MURFREESBORO, Tenn. — You can count on one hand the number of breaking news stories that could trump anything happening on the fields of the BlueCross Spring Fling state tournament.
The call I got around noon Friday saying that Robert High was no longer Brainerd's basketball coach was at the top of that list.
The word "legend" gets tossed around too easily when discussing successful high school coaches, but that's the best adjective to describes High's standing among his peers. Simply put, Robert High is the face of Brainerd High School and has been for years. Mention Brainerd to any TSSAA official or the most casual prep sports fan around the state, and hiss name is quickly identified as synonymous with the school.
In his 37 seasons as the Panthers coach, High is one of only 13 coaches in the nation to earn more than 1,000 wins, and his staggering total of 1,001 is tied for second-most in state history. His teams won at least 20 games 31 times, and he had eight 30-plus win seasons and three Class AAA state titles.
No other school in the area has more than one championship in the state's largest classification.
High also won a state cross country title and worked as the school's athletic director for 15 years.
But more impressive than his win totals are the countless kids whose lives he has touched as a mentor.
"He has helped so many kids in their personal life, things you don't even see on the court," said former Panthers guard Jay Price, one of 12 All-Americans who played for High and now the men's and women's basketball coach at Chattanooga State.
"Whether it was making sure kids had a ride home or something to eat, he was a lot more than just a coach. For young African-American kids, he's someone positive they could pattern themselves after. Here we have shootings almost every day, and we're in a time when we need positive influences in kids' lives and we take away one of the best this city has had. It just doesn't make sense to me.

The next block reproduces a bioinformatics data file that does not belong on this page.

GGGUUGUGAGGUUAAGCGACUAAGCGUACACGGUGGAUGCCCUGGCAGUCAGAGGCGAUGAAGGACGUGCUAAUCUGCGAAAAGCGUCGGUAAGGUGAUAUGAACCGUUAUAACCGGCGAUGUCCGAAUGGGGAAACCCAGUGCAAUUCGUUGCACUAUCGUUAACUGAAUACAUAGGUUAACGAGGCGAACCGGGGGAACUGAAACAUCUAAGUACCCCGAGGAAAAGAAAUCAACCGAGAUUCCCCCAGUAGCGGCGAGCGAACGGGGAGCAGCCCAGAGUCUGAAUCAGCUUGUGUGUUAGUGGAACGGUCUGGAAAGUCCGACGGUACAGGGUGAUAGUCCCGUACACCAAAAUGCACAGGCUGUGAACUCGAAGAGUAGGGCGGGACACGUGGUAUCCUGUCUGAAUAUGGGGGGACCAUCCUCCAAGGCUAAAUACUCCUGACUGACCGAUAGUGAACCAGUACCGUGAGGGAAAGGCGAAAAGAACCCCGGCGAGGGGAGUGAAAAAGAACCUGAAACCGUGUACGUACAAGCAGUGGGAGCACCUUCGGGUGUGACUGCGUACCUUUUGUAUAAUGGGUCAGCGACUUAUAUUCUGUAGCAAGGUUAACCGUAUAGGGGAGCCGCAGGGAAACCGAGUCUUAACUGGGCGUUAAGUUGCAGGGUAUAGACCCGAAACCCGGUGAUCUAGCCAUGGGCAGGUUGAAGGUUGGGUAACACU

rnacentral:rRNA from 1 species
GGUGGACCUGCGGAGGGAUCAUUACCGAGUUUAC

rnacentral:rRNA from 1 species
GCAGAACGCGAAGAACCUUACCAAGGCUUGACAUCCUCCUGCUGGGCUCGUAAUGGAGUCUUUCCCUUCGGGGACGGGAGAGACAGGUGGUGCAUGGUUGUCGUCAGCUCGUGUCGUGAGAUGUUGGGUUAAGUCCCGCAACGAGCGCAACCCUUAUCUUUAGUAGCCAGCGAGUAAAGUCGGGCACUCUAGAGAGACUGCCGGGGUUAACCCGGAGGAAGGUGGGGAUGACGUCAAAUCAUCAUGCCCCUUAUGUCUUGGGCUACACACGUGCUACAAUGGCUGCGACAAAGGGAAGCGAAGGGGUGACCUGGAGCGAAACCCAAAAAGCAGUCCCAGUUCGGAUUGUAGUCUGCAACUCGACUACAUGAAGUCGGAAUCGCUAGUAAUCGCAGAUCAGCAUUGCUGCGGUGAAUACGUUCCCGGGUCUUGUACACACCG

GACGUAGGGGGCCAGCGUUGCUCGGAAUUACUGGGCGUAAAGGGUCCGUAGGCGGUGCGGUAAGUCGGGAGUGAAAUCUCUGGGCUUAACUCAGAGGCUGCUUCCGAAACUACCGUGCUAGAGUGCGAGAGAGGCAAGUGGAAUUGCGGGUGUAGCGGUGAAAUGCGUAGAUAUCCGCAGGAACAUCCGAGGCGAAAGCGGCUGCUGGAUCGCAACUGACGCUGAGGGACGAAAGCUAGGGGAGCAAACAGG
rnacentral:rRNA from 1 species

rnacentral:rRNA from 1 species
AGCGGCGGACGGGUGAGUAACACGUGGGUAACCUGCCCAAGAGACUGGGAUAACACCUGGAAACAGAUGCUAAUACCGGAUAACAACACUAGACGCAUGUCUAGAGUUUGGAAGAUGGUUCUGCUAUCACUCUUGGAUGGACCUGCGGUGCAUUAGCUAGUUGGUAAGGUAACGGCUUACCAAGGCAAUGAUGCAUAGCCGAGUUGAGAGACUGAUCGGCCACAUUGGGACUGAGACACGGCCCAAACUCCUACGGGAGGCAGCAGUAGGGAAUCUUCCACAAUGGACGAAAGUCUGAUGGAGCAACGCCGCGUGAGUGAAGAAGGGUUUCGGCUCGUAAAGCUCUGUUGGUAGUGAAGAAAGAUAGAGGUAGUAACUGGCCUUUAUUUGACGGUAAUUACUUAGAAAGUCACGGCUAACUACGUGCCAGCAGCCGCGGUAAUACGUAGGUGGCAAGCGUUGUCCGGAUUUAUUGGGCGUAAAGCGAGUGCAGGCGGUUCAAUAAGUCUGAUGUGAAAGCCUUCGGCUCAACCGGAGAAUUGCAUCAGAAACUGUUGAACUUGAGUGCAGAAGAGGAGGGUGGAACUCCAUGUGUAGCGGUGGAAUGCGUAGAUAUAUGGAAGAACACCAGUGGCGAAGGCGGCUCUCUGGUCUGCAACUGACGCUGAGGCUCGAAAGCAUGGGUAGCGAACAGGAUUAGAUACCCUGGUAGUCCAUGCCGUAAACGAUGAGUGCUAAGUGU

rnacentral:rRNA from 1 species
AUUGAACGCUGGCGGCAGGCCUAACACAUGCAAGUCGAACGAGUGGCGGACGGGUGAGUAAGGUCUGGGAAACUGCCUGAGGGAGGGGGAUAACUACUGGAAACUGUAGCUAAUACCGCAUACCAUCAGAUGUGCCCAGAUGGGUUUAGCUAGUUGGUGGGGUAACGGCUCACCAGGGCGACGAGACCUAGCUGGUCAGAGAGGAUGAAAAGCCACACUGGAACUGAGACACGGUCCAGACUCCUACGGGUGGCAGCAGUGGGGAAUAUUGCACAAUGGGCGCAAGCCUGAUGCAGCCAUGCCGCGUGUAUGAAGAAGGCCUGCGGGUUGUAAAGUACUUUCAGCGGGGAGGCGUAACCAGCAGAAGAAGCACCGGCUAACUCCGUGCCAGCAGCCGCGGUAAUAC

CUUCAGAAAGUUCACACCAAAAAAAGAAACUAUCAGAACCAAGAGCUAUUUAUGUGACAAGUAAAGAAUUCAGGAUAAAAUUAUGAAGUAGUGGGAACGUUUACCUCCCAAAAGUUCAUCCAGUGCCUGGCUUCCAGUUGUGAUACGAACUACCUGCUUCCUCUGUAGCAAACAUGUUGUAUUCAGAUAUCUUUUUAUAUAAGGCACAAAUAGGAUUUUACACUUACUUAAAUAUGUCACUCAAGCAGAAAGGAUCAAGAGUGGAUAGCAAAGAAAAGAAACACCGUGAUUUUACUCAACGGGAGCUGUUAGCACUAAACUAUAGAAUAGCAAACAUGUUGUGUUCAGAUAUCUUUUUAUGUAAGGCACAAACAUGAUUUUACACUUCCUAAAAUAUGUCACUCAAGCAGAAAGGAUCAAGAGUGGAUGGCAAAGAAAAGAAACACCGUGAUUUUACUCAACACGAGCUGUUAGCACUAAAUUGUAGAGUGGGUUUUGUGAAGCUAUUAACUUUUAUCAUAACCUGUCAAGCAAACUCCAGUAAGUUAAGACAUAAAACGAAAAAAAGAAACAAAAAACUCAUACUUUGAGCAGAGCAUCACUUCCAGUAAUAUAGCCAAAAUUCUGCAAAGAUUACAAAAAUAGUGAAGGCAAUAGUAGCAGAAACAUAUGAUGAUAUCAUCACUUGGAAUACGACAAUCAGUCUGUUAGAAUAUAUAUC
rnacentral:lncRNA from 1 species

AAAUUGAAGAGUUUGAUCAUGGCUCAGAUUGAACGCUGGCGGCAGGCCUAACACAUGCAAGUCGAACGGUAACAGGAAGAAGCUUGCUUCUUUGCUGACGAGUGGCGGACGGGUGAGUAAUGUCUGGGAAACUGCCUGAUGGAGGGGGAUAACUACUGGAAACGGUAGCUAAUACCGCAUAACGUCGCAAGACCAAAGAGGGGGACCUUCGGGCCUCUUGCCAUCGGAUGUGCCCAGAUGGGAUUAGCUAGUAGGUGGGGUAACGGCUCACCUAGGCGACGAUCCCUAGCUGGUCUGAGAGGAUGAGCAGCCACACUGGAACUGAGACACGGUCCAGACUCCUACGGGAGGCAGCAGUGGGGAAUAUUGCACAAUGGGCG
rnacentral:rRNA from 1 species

"He's the reason I'm coaching now. Because of what he's instilled in my life, and other people's lives, there are a lot of us who want to return the favor and help kids today. We all want to live up to him, make him proud."
The school's gym bears High's name and that of former Lady Panthers coach Carolyn Jackson, who retired after last season. They earned that honor because of years of dedication and success at the school, but it wasn't enough for High to be granted one more year with the program, which he requested. Instead, principal Uras Agee informed him that his services no longer were needed at the school.
It's one of the most disappointing and shocking endings to a proud career I can remember in more than 23 years of covering area sports. If there were a Mount Rushmore of area coaches, High, Jackson and East Ridge's Catherine Neely would be at the top of the list for both their influence on thousands of kids' lives and their success on the court.
"Robert invented basketball in Chattanooga, didn't he?" TSSAA executive director Bernard Childress said. "No ifs, ands or buts about it, the respect he has around the state from his peers is the greatest accolade any coach can have. He and Carolyn and Catherine Neely are the names and faces so many people around the entire state think of when they talk about high school sports in Chattanooga.
"For a lot of us, Robert High is Brainerd High School, and that's the best compliment I can imagine any school could have."
Prep coaches who spend decades working at the same school clearly are not in the profession for the money. Those are the folks who care more about molding teenagers into productive citizens and responsible parents, and they should be rewarded by at least being able to end their careers on their own terms.
"It was sad when Howard got rid of Coach [Henry] Bowles before he was ready, and this is a sad day for Brainerd," Price said. "It's a blow to the community. It makes you ask, what direction are they going in? What's the identity of the school now?
"They sure better have a plan, because this is a move that everybody will pay very close attention to."
Contact Stephen Hargis at firstname.lastname@example.org ot 423-757-6293.
Stephen has covered local sports in the tri-state area for more than 24 years, having been with the Times Free Press since its inception, and has been an assistant sports editor since 2005. Stephen is among the most decorated writers in the TFP’s newsroom, winning numerous state, regional and national writing awards, including seven in 2013 and a combined 12 in the last two years. He was named one of the top 10 sports writers ...